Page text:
Persian Cats Explained

Caitlin Dempsey


The head a shoulders of a longhaired white cat with yellow eyes staring at the camera.

Persian cats are one of the most popular cat breeds in the United States. These longhaired cats have a round face, stocky body, and short nose.

The breed gets its name after the region, Persia, from where the cat is believed to have originated. Persia covered parts of the Near East including modern day Iran and Turkey. Persian cats were brought to Italy in 1620 by Pietro della Valle, (1586 – 1652). From there, the Persian cat breed expanded into other European countries.

Persian cats were imported to the United States sometime in the late 19th century.

An early 20th century black and white photograph showing a woman in a black dress and hat pet a dark colored Persian cat sitting on a table.
Mrs. A.McAllister and “Smoke Persian” cat, c. 1910-1915. Source:


Today’s Persian cats have a flatter face than Persians seen in older photos. The modern Persian is more genetically related to Persian cats breed from Western Europe than from the original Persian cats from the Near East.

A random mutation in the 1950s led to the rise in “peke-faced” Persian cats. Named after the Pekingese dog, this mutation resulted in European and American breeders selectively breeding Persian felines to produce a flat-faced or “snub-nosed” look in these cats. A flat face along with shorter, rounder ears is now the standard for Persian show cats.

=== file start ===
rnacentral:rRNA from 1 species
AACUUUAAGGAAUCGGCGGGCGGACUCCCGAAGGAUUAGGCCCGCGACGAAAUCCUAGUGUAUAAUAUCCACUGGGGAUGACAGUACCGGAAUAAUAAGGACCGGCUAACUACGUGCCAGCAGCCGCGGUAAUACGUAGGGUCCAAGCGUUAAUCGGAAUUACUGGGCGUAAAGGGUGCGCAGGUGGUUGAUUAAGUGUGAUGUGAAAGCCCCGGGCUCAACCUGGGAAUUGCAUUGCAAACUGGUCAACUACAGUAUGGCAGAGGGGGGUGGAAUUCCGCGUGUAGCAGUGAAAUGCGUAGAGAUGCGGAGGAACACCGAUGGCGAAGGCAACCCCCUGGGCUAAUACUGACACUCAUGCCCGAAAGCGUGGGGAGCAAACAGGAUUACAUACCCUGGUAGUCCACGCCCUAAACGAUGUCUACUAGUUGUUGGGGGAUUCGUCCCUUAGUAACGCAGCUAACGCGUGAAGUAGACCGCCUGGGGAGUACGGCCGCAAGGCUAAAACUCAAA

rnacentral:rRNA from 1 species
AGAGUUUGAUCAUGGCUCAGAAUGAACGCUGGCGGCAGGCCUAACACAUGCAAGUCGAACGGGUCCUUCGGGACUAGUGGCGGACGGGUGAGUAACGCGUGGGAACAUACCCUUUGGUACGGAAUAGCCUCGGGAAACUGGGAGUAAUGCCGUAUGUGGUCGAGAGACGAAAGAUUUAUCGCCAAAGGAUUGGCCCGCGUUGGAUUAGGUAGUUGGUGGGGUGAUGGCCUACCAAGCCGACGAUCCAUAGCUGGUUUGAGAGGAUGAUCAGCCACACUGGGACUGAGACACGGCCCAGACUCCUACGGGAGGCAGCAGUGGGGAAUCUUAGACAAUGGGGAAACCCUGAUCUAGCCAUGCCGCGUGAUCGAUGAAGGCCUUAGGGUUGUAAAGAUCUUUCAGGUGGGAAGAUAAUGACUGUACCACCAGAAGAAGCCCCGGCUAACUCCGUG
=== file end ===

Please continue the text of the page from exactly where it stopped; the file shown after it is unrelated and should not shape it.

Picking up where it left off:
Red persian cat on white background.
A red Persian cat with the standard flat-nose look with smaller rounded ears and a round, stocky body. Photo: © dionoanomalia /

Persian cats that look more like the original cat breed are known as traditional or doll-face Persian cats.

Video: Persian cats now and then

Some interesting trivia about Persian cats

President Herbert Hoover had a Persian cat named Kitty. Hoovers’s wife, Lou, was gifted the cat shortly after the president’s inauguration in 1929 and the cat was reported to have “the freedom of the corridors” in the White House. (Related: U.S. Presidents and Their Cats)

A black and white photo of a Persian cat being held by two men in 1929.
White House Persian cat, 3/29/29. Photo:

President Roosevelt also owned a Persian cat named Tabby in 1945.


History of the Persian cat ~ Pelaqita persians. (2018, November 12). Pelaqita Persians.

Lipinski, M. J., Froenicke, L., Baysac, K. C., Billings, N. C., Leutenegger, C. M., Levy, A. M., … & Lyons, L. A. (2008). The ascent of cat breeds: genetic evaluations of breeds and worldwide random-bred populations. Genomics91(1), 12-21.


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Caitlin Dempsey
Caitlin Dempsey holds both a master's in Geography from UCLA and a Master of Library and Information Science. She is the editor of and an avid researcher of geography and feline topics. A lifelong cat owner, Caitlin currently has three rescued cats: an orange tabby, a gray tabby, and a black cat.